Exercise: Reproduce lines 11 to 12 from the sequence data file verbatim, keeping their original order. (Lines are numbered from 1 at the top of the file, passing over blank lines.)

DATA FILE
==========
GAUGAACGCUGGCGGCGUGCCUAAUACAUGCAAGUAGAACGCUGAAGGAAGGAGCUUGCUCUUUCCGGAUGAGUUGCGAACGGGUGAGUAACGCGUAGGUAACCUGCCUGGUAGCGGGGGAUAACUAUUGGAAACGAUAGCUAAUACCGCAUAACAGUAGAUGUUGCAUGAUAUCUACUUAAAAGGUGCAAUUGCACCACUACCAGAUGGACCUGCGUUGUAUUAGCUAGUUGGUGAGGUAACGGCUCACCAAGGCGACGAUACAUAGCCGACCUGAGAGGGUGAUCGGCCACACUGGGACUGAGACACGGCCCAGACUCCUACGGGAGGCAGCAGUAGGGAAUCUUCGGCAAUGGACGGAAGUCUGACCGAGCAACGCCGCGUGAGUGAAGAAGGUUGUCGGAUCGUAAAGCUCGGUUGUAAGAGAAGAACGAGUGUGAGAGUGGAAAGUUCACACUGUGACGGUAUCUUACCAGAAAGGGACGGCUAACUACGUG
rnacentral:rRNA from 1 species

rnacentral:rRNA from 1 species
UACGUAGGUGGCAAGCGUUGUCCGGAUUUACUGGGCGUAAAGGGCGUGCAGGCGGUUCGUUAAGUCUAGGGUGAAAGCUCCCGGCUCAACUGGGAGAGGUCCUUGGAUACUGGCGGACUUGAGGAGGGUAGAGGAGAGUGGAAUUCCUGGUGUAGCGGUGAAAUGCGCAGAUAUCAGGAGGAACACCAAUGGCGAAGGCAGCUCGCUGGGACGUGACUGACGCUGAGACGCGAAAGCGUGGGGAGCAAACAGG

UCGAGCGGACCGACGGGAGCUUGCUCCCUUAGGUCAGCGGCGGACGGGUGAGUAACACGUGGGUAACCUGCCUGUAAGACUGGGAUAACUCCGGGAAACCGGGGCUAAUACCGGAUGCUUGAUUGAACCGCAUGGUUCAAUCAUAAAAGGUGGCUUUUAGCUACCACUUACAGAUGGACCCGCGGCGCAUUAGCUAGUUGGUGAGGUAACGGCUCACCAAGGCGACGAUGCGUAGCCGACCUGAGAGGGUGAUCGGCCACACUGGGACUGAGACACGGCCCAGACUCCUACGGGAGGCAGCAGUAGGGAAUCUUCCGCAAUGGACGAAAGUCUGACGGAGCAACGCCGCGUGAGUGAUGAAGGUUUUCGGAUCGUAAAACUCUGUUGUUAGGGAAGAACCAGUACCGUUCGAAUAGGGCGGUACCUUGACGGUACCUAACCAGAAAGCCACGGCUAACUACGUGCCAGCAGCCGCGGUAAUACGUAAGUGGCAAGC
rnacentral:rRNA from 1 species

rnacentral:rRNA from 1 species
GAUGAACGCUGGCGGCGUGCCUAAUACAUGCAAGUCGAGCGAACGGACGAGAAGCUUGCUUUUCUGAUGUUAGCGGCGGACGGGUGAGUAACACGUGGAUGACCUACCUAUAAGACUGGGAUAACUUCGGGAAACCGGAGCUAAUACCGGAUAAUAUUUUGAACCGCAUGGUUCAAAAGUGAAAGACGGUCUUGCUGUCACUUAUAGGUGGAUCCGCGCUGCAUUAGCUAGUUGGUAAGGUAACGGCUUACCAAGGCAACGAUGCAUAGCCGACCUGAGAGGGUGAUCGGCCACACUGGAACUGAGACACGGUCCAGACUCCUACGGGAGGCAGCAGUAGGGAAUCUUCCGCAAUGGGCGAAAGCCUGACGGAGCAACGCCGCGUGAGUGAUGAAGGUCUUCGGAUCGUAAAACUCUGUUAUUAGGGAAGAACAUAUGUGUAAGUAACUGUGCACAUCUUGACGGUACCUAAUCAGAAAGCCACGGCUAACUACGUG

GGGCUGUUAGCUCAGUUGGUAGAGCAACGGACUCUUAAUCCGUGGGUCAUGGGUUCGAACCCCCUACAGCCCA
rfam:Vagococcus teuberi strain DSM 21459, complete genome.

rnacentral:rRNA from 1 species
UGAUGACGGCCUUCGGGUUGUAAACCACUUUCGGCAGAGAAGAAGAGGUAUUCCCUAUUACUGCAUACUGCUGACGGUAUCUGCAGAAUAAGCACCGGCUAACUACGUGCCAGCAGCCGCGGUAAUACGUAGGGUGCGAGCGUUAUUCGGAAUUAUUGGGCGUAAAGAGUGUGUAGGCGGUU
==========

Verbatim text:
rnacentral:rRNA from 1 species
UGAUGACGGCCUUCGGGUUGUAAACCACUUUCGGCAGAGAAGAAGAGGUAUUCCCUAUUACUGCAUACUGCUGACGGUAUCUGCAGAAUAAGCACCGGCUAACUACGUGCCAGCAGCCGCGGUAAUACGUAGGGUGCGAGCGUUAUUCGGAAUUAUUGGGCGUAAAGAGUGUGUAGGCGGUU